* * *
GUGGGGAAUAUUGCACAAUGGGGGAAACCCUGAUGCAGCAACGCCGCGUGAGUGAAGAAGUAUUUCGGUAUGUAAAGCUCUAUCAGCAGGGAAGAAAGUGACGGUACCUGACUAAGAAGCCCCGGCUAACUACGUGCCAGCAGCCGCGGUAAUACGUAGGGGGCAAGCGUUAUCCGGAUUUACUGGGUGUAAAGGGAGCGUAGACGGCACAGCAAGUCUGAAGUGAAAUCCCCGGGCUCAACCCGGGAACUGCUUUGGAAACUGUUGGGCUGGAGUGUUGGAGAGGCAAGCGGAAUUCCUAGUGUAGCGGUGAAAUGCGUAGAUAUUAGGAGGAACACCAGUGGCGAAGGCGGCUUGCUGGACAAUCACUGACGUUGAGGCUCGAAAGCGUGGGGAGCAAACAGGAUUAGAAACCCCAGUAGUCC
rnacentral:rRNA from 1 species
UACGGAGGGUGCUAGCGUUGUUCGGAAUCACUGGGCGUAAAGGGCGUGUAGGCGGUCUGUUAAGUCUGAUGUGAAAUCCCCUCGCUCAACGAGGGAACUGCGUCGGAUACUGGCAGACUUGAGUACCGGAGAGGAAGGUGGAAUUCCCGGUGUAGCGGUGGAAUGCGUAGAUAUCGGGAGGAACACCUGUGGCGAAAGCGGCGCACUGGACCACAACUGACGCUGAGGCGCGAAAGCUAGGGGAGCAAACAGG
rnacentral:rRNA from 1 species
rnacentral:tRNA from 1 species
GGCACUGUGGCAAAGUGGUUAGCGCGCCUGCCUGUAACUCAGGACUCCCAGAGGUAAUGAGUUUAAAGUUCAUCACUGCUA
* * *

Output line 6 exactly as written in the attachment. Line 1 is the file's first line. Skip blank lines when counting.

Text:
GGCACUGUGGCAAAGUGGUUAGCGCGCCUGCCUGUAACUCAGGACUCCCAGAGGUAAUGAGUUUAAAGUUCAUCACUGCUA